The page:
American women focus on their own health more

According to "Women Talk," the first annual national women's health survey from the National Women's Health Resource Center (NWHRC), being healthy to women means both physical and emotional wellness and having a healthy family and suggests that women place a greater priority on the health of their family than their own personal health.

Most women's greatest concern is losing a loved one, coming slightly ahead of being diagnosed with an incurable or chronic illness. Apparently women's propensity to put others ahead of themselves impacts their perceptions of their own health.

On a scale of 1 to 10, 59 percent of women rate their own physical health as 8 to 10; 66 percent rate their partner's health as 8 to 10; and 92 percent rate their children's health as 8 to 10.

But on the whole most women believe that time spent taking care of others has a positive impact on their health. A near majority, 48 percent, say that taking care of others has a positive impact on their physical health and 57 percent say that taking care of others has a positive impact on their mental health. The data also shows that women's perceptions of why their health has improved or declined over the past five years are strongly linked to lifestyle issues, such as changes in stress levels and exercise. In fact, women reported that having more time and reducing stress would most help improve their health.

Even though women reported that stress played a significant role in their health, only half say they reduced stress in their life in the past year. Only 15 percent visited a mental health counsellor during the last year and although 65 percent of women report exercising more, and 59 percent say they went on a diet, few women indicate they have met their diet or weight loss goals.

Amy Niles, president of the NWHRC says the data indicates a clear need for women and their health care professionals to do a better job of communicating about both physical and emotional wellness and how to achieve it.

American women say their own health decisions are limited by the demands on their time and money, particularly those under the age of 65, who feel pressure from competing responsibilities of work and home life.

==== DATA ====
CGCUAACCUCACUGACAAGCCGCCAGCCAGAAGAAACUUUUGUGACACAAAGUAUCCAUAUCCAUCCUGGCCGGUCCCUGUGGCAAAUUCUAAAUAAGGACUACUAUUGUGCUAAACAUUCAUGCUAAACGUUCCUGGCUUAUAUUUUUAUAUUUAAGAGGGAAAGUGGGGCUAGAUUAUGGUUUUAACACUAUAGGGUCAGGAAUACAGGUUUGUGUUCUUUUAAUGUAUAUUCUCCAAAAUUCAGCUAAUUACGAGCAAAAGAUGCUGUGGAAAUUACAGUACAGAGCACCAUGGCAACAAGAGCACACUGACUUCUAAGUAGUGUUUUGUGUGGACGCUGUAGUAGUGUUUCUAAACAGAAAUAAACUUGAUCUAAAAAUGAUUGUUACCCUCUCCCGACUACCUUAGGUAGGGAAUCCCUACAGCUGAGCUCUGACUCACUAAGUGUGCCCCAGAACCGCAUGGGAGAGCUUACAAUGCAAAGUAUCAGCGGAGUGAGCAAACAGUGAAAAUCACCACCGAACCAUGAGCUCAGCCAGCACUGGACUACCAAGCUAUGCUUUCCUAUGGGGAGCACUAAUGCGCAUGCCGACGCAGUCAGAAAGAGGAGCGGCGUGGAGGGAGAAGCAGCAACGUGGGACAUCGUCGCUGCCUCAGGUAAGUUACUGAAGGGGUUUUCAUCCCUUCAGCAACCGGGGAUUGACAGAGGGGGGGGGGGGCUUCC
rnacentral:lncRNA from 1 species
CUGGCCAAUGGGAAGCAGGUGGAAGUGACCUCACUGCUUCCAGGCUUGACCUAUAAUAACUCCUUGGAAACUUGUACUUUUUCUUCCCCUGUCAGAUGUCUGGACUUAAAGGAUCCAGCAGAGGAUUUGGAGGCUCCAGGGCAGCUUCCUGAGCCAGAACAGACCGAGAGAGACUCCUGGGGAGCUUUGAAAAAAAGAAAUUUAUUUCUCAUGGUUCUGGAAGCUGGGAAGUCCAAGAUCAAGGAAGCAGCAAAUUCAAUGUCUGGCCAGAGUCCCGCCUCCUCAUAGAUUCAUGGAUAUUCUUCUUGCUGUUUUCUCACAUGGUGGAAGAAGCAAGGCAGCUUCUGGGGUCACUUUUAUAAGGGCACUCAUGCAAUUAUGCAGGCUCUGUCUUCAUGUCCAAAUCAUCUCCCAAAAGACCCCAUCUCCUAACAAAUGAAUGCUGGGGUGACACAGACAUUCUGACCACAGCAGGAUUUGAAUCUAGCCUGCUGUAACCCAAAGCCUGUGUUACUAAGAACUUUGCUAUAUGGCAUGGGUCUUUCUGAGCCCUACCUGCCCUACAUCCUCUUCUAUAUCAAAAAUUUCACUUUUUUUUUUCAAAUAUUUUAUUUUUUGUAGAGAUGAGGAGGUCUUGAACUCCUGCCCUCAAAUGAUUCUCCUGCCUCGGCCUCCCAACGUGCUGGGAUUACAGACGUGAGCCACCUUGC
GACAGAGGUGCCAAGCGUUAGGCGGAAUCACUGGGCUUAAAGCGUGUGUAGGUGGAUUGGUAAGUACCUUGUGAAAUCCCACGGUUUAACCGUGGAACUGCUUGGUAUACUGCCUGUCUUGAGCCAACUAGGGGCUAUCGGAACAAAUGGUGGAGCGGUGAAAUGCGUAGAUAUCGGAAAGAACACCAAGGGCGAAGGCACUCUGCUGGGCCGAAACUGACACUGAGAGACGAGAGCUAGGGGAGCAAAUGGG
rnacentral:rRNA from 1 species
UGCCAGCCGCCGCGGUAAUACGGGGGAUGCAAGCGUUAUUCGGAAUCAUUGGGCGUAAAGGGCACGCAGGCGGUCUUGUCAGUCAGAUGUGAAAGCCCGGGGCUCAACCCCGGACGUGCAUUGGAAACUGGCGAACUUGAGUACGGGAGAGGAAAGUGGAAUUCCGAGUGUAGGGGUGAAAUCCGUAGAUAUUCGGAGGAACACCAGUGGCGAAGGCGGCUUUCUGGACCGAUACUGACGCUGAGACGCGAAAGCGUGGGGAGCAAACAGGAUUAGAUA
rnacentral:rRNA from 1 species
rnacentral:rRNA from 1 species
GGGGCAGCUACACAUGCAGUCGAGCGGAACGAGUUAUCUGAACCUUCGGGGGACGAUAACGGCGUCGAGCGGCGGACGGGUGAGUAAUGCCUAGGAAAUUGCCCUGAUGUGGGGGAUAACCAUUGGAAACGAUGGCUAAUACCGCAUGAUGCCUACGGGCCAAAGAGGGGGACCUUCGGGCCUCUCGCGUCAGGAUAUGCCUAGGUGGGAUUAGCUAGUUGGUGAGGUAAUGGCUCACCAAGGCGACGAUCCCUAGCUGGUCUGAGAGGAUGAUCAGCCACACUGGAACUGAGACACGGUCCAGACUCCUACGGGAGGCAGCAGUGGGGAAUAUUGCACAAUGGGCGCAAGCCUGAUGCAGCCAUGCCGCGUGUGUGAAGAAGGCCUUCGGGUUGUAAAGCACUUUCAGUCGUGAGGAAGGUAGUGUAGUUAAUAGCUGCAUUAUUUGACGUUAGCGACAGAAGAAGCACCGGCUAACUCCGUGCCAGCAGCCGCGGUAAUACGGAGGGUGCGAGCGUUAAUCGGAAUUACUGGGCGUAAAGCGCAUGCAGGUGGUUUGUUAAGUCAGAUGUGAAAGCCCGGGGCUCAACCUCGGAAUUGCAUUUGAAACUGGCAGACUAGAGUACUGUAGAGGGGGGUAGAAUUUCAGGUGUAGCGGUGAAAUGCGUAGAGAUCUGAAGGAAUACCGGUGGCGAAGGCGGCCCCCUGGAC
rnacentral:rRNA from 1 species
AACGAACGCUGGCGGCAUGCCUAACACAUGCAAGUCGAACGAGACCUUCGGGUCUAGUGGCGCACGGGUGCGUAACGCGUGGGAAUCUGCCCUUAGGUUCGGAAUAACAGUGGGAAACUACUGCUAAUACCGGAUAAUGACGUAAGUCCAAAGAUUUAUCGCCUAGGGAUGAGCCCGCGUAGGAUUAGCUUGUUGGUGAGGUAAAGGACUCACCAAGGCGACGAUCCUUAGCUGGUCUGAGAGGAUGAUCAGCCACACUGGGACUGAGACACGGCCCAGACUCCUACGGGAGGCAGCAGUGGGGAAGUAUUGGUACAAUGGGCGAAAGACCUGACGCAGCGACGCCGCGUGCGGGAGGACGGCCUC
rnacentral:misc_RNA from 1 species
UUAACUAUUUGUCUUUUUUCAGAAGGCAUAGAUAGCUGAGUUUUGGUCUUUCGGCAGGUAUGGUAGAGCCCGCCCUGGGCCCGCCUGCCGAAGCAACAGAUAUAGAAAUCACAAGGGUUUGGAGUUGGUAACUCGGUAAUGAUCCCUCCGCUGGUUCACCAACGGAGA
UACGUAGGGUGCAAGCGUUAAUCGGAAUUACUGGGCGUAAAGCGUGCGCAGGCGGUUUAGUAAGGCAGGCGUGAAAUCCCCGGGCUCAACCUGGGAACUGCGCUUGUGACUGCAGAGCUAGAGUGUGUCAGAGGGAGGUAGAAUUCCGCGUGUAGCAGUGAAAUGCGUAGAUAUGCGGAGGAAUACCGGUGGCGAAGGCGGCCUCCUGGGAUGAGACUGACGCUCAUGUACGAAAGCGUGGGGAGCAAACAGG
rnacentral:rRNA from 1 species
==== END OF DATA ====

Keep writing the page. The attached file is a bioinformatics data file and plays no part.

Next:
Niles says that women need to become active partners in their health and wellness and focus on their own health.

It was also found that income played a critical role; the lower a woman's family income, the poorer her perception of the quality of her health. Lower-income women said that their health has deteriorated over the course of the last five years and they believed that they had less control over being healthy than do middle- or upper-income women.

One out of two lower-income women report that their health had deteriorated in the last five years compared to just 31 percent of middle- income and 26 percent of upper-income women.

Thirty nine percent of women earning under $20,000 a year rate their physical health poorly, compared to just 15 percent of middle-income and seven percent of upper-income women.

Ana E. Nunez MD, director of the Women's Health Education Program, Drexel University College of Medicine, in Philadelphia says the findings are important as income is strongly related to access to health care services, and many women's access is even further restricted by cultural and language barriers. According to the data, knowledge about preventative screenings and awareness of family medical history varies by race.

While 67 percent of Caucasian women and 60 percent of African-American women reported being very familiar with their family's medical history, only 51 percent of Latina and 33 percent of Asian women report that same familiarity.

African-American women reported they are most aware about a broad range of guidelines for preventative medical screenings, but Asian women are less aware of screenings, specifically those relating to their gynaecologic health.

Based on the survey findings, the NWHRC is launching an educational initiative called Take 10 to T.A.L.K. The campaign features a wallet-size card with four important questions that women should ask when visiting their health care professional.


The opinions expressed here are the views of the writer and do not necessarily reflect the views and opinions of News Medical.
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